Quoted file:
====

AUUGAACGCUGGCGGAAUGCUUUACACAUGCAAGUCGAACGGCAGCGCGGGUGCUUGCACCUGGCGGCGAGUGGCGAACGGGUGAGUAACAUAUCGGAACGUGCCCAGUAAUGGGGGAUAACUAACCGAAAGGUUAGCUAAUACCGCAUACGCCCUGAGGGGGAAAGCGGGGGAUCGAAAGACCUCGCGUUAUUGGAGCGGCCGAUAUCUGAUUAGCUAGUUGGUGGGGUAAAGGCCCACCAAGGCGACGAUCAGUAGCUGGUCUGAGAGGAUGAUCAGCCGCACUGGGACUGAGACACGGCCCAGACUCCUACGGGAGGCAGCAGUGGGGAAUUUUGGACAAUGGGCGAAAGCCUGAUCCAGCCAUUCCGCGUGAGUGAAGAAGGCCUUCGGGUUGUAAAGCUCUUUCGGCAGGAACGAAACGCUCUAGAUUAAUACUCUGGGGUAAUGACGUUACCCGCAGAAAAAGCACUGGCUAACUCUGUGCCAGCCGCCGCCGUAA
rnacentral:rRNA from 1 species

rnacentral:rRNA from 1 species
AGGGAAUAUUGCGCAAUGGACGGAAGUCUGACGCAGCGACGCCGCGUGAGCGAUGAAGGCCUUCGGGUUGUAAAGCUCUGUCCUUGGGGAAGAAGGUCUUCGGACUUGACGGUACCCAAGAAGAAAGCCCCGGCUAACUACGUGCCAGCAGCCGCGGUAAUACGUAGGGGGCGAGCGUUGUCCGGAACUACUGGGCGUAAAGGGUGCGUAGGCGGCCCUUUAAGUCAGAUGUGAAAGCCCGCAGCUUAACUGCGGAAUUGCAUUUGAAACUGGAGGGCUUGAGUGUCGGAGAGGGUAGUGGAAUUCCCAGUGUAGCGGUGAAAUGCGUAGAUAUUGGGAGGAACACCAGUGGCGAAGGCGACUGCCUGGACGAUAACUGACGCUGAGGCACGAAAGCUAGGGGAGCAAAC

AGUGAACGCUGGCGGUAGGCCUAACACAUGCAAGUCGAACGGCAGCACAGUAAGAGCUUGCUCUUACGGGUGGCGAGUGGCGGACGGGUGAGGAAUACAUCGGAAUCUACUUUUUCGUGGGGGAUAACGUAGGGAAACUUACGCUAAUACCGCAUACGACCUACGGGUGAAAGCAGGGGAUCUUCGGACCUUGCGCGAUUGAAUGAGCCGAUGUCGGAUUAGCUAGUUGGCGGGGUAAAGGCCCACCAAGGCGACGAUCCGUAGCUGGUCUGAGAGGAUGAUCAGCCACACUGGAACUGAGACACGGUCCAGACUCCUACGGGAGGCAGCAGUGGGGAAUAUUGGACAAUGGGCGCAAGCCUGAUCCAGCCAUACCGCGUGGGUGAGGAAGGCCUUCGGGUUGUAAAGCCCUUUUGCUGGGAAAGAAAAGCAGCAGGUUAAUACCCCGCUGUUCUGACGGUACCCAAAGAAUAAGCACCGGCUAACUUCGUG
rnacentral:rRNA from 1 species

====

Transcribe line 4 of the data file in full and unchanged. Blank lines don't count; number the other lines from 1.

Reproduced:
AGGGAAUAUUGCGCAAUGGACGGAAGUCUGACGCAGCGACGCCGCGUGAGCGAUGAAGGCCUUCGGGUUGUAAAGCUCUGUCCUUGGGGAAGAAGGUCUUCGGACUUGACGGUACCCAAGAAGAAAGCCCCGGCUAACUACGUGCCAGCAGCCGCGGUAAUACGUAGGGGGCGAGCGUUGUCCGGAACUACUGGGCGUAAAGGGUGCGUAGGCGGCCCUUUAAGUCAGAUGUGAAAGCCCGCAGCUUAACUGCGGAAUUGCAUUUGAAACUGGAGGGCUUGAGUGUCGGAGAGGGUAGUGGAAUUCCCAGUGUAGCGGUGAAAUGCGUAGAUAUUGGGAGGAACACCAGUGGCGAAGGCGACUGCCUGGACGAUAACUGACGCUGAGGCACGAAAGCUAGGGGAGCAAAC